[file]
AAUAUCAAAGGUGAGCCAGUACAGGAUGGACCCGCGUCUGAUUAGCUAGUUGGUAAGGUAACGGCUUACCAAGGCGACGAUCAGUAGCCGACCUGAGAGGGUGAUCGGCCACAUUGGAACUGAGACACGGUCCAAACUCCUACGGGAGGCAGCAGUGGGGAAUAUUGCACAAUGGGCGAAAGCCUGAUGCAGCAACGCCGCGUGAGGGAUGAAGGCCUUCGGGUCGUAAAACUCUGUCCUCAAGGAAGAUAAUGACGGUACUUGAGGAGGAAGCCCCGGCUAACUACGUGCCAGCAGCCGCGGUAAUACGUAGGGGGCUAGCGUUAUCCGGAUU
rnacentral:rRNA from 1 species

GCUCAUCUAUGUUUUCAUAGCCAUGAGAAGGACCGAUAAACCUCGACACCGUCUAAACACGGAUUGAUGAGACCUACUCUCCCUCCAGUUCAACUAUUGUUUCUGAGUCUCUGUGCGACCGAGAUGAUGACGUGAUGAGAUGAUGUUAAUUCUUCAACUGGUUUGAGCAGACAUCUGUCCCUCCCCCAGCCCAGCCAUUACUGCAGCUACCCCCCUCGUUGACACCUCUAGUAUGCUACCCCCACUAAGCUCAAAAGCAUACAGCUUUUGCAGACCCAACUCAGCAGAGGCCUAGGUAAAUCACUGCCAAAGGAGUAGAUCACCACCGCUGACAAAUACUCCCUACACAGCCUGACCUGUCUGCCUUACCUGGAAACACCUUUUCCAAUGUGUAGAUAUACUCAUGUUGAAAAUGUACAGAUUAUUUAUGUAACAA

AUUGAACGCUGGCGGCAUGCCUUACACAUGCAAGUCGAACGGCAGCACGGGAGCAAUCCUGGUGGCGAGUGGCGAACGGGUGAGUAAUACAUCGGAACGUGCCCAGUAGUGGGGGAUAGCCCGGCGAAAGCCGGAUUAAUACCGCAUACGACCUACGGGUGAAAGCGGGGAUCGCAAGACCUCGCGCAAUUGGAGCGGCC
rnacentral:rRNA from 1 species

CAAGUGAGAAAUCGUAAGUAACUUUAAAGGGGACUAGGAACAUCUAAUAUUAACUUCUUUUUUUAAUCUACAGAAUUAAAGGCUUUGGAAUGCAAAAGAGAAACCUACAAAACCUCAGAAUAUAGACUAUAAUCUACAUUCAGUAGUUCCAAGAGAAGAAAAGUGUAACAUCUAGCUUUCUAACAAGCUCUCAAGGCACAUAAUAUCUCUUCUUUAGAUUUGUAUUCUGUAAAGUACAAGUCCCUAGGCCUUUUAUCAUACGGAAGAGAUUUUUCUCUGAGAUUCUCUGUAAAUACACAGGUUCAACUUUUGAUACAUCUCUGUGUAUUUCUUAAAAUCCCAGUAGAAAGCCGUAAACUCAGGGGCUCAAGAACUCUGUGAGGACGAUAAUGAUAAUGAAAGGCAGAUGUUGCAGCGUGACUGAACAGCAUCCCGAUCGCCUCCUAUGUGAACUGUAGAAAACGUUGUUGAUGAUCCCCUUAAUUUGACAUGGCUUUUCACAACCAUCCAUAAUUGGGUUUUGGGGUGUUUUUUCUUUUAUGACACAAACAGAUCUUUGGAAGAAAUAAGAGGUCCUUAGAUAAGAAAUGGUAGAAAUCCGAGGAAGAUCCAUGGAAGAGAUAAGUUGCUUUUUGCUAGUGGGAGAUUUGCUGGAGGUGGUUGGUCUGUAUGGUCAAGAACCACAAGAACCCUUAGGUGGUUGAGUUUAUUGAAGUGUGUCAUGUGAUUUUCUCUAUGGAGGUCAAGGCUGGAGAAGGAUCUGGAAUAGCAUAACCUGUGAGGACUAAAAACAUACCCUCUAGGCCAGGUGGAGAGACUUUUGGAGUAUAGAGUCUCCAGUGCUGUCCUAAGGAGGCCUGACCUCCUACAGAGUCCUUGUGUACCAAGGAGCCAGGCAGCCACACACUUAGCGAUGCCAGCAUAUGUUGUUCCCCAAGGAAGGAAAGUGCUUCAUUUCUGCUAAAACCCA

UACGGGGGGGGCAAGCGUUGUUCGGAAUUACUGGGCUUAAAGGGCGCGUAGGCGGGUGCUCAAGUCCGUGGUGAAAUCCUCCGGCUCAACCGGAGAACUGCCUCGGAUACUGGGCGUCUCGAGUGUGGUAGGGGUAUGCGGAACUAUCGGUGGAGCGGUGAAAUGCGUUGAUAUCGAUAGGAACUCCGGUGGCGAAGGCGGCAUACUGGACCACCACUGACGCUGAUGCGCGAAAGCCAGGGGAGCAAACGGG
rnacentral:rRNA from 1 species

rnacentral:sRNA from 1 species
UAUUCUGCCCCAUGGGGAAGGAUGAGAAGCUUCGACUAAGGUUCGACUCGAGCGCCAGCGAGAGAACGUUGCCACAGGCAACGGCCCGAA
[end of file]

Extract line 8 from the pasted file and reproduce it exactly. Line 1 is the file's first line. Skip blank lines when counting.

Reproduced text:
rnacentral:rRNA from 1 species